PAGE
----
• Tightly enforced restrictions on flaring and venting
  • Better control of fugitive emissions
  • Distant from shore (not a factor for GHG effects)

Wood Mackenzie, NOIA, and others contend that restrictions on GoM leasing are contrary to carbon reduction goals.

An important and unintended consequence of enacting more restrictive policies such as a lease ban or increase in royalty rate in the Gulf of Mexico is that it could give rise to carbon leakage to countries that export crude to US.

Wood Mackenzie
Chart: Emissions intensity for US crude importers. US Gulf of Mexico deepwater emissions are less intensive than all but one importer.

In light of the policy implications of GHG emissions, a Carbon Intensity Workshop is highly recommended. The estimates generated by Wood Mackenzie, Rystad, and others need to be explored in depth. Is data quality an issue? How are the data verified? Is there regulator or third party oversight? What are the assumptions behind the estimates? Also, for the purposes of US policy decisions, product transportation emissions should certainly be included. A barrel produced in the Middle East is not the same as a barrel produced in the GoM.

Looking at the chart above, I have immediate questions about the drilling emissions (blue). What wells are included? What about workovers and other well operations? I’m surprised that the deepwater GoM drilling emissions are so high relative to the other regions. While dynamically positioned MODUs have high fuel consumption rates, deepwater wells are few in number relative to shale drilling. Also, why are Brazil’s drilling emissions, which I assume are primarily associated with deepwater operations, so much lower that those for the GoM.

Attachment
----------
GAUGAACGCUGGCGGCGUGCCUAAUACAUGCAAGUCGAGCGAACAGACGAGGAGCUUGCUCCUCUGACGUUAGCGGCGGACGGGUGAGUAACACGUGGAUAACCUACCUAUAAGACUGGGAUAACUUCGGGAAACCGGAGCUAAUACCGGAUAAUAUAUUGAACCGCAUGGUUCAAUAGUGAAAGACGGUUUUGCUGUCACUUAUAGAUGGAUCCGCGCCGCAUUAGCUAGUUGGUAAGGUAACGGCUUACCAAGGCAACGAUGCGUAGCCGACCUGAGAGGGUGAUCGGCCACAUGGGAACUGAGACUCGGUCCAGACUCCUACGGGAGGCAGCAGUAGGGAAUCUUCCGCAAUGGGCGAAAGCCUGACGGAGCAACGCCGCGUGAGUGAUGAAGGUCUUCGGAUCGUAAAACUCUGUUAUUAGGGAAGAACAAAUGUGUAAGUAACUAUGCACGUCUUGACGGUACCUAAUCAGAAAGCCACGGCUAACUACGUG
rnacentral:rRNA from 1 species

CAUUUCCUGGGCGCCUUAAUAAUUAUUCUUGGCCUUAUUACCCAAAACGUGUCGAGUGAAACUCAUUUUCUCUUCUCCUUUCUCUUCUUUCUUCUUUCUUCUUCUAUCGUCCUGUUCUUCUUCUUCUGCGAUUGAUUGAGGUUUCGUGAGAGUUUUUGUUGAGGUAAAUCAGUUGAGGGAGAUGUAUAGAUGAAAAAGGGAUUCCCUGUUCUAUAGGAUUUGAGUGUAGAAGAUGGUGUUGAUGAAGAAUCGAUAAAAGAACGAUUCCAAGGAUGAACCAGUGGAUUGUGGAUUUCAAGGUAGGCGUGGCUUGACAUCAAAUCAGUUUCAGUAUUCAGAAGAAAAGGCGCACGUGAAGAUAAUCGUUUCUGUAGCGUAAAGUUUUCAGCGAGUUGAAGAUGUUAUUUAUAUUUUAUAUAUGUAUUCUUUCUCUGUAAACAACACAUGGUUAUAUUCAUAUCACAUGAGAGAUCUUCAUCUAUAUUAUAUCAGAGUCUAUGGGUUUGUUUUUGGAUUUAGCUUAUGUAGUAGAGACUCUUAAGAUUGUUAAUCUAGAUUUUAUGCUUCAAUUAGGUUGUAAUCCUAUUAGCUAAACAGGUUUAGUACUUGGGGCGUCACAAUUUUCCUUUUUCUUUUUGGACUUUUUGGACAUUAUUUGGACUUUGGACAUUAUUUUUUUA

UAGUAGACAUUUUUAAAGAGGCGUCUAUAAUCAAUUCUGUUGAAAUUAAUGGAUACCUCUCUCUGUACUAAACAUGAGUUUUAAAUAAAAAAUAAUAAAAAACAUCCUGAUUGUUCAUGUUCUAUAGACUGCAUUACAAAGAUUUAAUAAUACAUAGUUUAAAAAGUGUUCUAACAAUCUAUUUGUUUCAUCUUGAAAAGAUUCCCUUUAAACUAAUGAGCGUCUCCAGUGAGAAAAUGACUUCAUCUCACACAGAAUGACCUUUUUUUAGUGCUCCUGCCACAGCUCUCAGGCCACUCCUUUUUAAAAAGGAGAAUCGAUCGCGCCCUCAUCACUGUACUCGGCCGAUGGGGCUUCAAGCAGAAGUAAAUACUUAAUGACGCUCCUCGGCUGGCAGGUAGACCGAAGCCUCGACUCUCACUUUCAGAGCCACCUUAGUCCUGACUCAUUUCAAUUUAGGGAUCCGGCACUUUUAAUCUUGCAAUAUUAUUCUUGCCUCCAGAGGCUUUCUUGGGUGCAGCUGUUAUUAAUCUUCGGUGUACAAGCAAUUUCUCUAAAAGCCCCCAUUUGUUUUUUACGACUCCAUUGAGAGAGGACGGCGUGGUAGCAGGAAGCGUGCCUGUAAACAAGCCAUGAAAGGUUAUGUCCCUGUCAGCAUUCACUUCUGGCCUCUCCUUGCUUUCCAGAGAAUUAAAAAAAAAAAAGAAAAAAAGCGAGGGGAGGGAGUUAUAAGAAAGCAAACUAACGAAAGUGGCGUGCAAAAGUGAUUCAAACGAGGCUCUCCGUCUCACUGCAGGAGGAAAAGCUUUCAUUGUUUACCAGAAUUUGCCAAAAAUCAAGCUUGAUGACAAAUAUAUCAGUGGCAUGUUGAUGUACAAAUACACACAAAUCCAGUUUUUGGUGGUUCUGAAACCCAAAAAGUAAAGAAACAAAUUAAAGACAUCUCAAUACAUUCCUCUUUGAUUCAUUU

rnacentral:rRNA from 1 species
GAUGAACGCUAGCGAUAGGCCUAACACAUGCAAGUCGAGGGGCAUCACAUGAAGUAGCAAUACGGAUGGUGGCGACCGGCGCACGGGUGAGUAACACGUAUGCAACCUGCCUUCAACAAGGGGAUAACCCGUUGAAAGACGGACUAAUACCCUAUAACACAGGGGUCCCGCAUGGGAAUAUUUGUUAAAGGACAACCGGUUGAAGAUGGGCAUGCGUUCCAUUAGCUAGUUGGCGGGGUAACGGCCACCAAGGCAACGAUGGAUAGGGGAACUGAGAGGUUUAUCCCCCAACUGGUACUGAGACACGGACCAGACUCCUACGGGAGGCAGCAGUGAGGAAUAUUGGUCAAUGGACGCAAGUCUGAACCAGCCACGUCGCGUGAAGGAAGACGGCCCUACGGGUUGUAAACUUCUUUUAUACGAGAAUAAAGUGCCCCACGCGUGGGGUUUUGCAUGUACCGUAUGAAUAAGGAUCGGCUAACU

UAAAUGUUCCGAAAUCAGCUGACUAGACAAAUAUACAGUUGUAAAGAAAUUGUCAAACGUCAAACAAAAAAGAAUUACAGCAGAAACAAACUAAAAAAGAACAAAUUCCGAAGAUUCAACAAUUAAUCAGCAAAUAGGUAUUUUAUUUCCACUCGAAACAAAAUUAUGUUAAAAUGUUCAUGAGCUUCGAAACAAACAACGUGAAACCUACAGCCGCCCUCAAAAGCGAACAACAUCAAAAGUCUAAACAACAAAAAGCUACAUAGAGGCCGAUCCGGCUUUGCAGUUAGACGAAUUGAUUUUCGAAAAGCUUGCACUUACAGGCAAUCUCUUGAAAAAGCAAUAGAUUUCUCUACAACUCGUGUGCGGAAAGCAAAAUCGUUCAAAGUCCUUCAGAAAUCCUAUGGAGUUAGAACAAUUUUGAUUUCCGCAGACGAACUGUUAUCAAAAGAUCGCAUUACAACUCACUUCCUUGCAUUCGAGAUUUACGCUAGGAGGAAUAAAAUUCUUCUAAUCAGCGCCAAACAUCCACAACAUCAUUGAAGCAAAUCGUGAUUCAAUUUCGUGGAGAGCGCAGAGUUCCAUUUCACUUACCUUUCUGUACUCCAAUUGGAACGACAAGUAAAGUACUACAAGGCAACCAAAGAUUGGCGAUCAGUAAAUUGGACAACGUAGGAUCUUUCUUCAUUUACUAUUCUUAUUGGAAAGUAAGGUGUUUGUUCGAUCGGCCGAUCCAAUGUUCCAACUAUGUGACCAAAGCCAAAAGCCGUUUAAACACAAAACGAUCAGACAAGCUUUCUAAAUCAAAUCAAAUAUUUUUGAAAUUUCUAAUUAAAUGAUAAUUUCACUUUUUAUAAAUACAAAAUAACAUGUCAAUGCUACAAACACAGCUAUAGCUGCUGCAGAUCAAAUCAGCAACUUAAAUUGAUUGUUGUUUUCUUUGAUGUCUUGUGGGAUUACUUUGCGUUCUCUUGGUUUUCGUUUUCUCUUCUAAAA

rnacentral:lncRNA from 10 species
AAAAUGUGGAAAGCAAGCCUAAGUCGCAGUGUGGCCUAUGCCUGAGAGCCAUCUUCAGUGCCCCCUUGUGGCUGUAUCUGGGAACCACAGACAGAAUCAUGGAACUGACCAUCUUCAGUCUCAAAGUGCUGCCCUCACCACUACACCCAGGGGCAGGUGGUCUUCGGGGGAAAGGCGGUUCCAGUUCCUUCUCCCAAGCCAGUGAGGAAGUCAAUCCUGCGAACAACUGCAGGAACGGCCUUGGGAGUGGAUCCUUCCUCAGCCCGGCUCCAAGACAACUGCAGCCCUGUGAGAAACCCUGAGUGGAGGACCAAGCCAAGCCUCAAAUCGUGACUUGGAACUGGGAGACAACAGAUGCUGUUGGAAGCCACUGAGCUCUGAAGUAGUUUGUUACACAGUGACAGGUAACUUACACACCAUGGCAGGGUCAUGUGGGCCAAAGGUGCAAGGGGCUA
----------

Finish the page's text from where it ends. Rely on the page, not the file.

BOEM/BSEE and/or the Gulf Research Program (NASEM) would seem to be good sponsors for such a workshop.

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Are the Saudis reading BOE?

The Public Investment Fund (PIF) announced today the launch of “THE RIG.”, a new tourism project. Inspired by offshore oil platforms, “THE RIG.” will be located in the Arabian Gulf and will span a combined total area of more than 150,000 square meters and provide a multitude of hospitality offerings, adventures, and aquatic sporting experiences.

PIF News Release

Were they inspired by this BOE exclusive?


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Leading up to #COP26 convening in Glasgow next month, the OPEC SG advised legislators and policymakers to consider the fact that billions of people lack reliable and affordable modern energy, a basic need for all.


Reminder that “no energy is dirtier than no energy.

For those interested in regional and international oil market data, OPEC’s monthly reports are quite good. You can download the October report here.


Demand for OPEC crude in 2022 was revised up by 0.1 mb/d from the previous month’s assessment to stand at 28.8 mb/d, around 1.0 mb/d higher than in 2021.